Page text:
SBD/April 23, 2013/Franchises

NHL Franchise Notes: Predators See Attendance Spike Despite Down Season

Predators are expecting their 20th sellout of the season with tonight's game
In Nashville, Josh Cooper notes the Predators "continued to increase attendance" this season, despite the shortened season and a record "among the worst in franchise history." The Predators' 20th sellout of the season is "expected tonight" when the team hosts the Flames in the home finale. Predators CEO Jeff Cogen said, "We had this pot of boiling water, and we threw this big chunk of ice on it. Well eventually the ice dissolved, and the water has started to boil again." Team President & COO Sean Henry said that the Predators are "behind last season’s season-ticket renewal" by about 5%, but are "confident that difference can be made up." He added that there will be a 2% "price increase for season tickets next year," but current season-ticket holders "who renew their plans face no increase" (Nashville TENNESSEAN, 4/23).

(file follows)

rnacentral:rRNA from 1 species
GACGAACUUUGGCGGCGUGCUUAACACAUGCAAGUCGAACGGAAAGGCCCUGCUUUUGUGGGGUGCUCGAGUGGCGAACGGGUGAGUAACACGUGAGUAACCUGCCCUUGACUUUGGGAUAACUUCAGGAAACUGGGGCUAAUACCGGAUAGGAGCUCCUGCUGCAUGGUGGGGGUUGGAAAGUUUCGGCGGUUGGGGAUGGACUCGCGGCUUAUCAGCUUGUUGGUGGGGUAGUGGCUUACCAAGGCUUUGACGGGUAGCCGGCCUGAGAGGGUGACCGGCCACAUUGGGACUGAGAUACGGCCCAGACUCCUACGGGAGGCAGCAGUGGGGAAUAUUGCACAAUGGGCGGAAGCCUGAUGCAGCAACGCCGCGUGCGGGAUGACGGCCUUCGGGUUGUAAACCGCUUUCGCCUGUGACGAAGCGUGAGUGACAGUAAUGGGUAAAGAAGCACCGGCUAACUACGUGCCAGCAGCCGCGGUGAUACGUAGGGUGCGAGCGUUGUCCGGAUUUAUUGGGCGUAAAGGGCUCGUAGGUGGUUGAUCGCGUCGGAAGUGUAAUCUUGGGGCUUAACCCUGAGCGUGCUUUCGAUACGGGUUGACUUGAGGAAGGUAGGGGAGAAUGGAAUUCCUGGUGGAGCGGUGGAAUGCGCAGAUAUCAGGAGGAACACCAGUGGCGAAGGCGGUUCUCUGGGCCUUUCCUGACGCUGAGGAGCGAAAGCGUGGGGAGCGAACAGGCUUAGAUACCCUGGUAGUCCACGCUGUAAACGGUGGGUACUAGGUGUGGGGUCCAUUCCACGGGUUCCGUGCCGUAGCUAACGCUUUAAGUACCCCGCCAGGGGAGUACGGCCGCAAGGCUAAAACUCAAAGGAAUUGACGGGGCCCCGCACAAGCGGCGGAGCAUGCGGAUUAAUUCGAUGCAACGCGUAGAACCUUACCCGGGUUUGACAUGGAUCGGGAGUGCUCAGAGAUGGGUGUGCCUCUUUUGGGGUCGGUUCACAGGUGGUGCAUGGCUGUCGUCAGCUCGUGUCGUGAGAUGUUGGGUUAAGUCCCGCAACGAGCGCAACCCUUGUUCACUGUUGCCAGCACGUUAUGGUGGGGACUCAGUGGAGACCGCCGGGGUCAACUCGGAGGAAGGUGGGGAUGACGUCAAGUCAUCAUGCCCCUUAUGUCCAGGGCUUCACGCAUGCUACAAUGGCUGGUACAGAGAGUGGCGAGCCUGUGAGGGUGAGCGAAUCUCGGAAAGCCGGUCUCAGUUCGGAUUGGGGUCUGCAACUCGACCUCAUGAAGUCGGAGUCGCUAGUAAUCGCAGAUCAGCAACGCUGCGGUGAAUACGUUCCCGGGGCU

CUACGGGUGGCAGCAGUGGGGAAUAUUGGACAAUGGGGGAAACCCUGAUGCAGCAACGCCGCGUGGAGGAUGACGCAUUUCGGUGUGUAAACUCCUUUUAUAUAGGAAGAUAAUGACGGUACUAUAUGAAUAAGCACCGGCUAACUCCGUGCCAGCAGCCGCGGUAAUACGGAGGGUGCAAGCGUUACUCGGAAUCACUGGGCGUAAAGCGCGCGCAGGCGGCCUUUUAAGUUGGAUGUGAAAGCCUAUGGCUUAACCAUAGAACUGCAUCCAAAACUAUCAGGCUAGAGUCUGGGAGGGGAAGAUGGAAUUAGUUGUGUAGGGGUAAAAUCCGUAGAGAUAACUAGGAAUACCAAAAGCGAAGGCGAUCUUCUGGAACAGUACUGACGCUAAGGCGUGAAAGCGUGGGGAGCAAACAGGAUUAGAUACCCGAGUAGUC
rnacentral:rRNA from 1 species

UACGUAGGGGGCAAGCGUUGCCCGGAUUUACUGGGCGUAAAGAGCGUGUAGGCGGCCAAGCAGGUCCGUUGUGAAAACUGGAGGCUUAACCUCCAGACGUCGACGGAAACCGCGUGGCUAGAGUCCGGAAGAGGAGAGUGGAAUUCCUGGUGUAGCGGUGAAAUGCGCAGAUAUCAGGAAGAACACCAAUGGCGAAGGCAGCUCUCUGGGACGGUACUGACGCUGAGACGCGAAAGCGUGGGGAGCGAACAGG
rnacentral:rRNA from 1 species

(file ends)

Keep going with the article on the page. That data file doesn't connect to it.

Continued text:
IN A SNOW DAZE: In Denver, Terry Frei wrote for the Avalanche to improve, it "has to start with a blunt self-assessment from a Kroenke ownership that you'd hope would be determined to combat its image as operating on the cheap ... in all sports endeavors but the NBA." Frei: "If the Kroenkes, especially Josh, can honestly conclude that: a) ownership has not hamstrung the hockey operation, from president Pierre Lacroix and general manager Greg Sherman on down; and, b) that the Avalanche's ineptitude is because of bad management and worse judgments, then, absolutely, the grace period has lapsed." If ownership has been "tying the hands of the hockey operation, cleaning house wouldn't be fair -- not yet -- and it wouldn't help unless that approach changes" (DENVER POST, 4/22).

ON THE SHORES OF LAKE ERIE: In Buffalo, Bucky Gleason wrote of the Sabres under Terry Pegula's ownership, "The real joke is on people, like me, who thought a new regime would be intelligent enough to make obvious changes." Instead, they "kept the wrong person in charge, made weak decisions, threw big money at a problem when it wasn’t necessary and compromised the salary cap." Their reputation is "now worse than it was when Pegula arrived." If a player "signs a big contract in Buffalo now, you have to wonder if it’s little more than a money grab" (BUFFALO NEWS, 4/21).
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